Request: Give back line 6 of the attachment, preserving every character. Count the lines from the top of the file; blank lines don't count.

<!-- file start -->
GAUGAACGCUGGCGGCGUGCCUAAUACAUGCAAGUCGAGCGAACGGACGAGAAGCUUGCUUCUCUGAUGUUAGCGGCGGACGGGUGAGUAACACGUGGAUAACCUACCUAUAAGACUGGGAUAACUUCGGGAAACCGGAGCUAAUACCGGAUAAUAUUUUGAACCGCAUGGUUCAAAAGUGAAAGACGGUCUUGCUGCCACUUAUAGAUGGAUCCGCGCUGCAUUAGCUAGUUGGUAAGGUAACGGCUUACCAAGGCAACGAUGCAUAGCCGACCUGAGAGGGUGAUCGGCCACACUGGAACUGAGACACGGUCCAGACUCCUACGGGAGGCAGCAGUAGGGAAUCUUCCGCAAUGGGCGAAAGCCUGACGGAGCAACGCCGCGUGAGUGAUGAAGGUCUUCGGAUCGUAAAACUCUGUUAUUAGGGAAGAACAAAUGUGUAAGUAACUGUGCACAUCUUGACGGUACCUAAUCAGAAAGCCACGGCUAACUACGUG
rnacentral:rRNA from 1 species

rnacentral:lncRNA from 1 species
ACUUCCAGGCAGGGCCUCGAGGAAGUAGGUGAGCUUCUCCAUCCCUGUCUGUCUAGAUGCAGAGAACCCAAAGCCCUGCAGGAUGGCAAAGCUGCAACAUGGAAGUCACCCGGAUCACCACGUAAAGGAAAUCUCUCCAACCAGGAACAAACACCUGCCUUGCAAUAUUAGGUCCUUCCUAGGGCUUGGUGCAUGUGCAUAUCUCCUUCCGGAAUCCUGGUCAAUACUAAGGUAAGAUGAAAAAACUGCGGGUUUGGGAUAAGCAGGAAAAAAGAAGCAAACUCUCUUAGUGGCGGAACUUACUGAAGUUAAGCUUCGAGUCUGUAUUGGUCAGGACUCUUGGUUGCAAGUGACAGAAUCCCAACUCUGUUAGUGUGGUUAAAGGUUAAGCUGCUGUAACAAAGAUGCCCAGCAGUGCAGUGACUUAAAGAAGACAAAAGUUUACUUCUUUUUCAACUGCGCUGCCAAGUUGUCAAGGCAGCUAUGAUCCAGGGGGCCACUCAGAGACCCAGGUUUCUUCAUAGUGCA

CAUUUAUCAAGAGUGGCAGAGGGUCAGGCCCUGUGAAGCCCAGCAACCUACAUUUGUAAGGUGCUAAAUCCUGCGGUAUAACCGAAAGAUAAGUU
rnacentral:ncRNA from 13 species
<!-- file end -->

rnacentral:ncRNA from 13 species